Friday, July 10, 2015

Why don't the poor rise up?

Thomas Edsall offers interesting comments on the seeming intractability of rising inequality in our society, and I pass on a few clips, continuing the MindBlog topic thread that has been contrasting the brains and behaviors of advantaged and disadvantaged segments of our society (cf. here).
Why are today’s working poor so quiescent?...First, although incomes have declined, the cost of many goods – televisions, computers, air-conditioners, household appliances, cellphones – has fallen, leaving the bottom quintile less deprived than simple income figures might reflect. Second, people nowadays marry and have children later in life than in the past, postponing some financial demands to better earning years. Third, some economists contend that commonly used inflation measures result in excessively high estimates of the real-world cost of goods for consumers, thus making living conditions less dire than they might otherwise be.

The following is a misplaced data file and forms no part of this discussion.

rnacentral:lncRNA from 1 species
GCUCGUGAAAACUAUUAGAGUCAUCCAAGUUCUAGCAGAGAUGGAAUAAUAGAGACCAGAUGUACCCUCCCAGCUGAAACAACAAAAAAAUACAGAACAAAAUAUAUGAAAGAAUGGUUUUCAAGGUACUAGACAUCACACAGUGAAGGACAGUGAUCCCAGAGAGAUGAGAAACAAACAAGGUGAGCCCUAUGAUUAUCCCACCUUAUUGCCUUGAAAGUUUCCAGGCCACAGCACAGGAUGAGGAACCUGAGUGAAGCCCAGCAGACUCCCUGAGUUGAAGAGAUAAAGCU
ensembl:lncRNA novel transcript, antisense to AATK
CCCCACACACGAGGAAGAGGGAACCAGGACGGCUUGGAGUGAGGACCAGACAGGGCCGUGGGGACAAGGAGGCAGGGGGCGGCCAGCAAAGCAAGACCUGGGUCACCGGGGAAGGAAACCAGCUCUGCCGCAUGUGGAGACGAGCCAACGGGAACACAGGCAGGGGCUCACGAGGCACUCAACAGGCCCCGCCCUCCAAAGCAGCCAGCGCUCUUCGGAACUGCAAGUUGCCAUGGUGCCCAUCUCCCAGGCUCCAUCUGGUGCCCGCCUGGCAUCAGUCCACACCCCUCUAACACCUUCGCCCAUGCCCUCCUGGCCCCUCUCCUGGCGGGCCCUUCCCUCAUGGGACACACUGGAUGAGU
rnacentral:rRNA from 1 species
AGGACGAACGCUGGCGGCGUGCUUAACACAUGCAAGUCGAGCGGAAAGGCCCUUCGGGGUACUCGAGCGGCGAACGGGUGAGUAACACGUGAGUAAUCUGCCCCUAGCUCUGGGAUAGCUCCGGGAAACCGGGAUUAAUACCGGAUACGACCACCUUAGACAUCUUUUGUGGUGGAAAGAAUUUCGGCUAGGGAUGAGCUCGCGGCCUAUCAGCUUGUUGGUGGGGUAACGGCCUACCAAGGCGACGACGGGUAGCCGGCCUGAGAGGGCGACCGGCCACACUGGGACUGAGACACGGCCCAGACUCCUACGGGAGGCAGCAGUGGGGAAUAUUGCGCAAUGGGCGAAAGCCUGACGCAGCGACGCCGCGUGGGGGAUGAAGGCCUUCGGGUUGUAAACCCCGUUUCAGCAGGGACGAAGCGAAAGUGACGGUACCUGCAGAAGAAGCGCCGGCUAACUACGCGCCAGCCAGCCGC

But there is another reason that there has not been broad public insurrection...Society has drastically changed since the high-water mark of the 1930s and 1960s when collective movements captured the public imagination. Now, there is an inexorable pressure on individuals to, in effect, fly solo. There is very little social support for class-based protest – what used to be called solidarity...Collective social action...has been supplanted by a different kind of revolt...the top priorities of the specific movements associated with individualization – “the feminist movement, lesbian-gay-bisexual-transgender movements, the black power movement, the disability rights movement, and, most recently, the fat-acceptance movement” – do not lend themselves to broad economic demands on behalf of the less well off.
Edsall offers summaries worth reading, of the arguments in several recent books on the individualization of society over the past 50 years.

1 comment:

  1. In the words of comedian Simon Evans, comenting on Russell Brand's call to revolution because... "the poor are fat" and "systematically anaesthetised". Many a true word was spoken in jest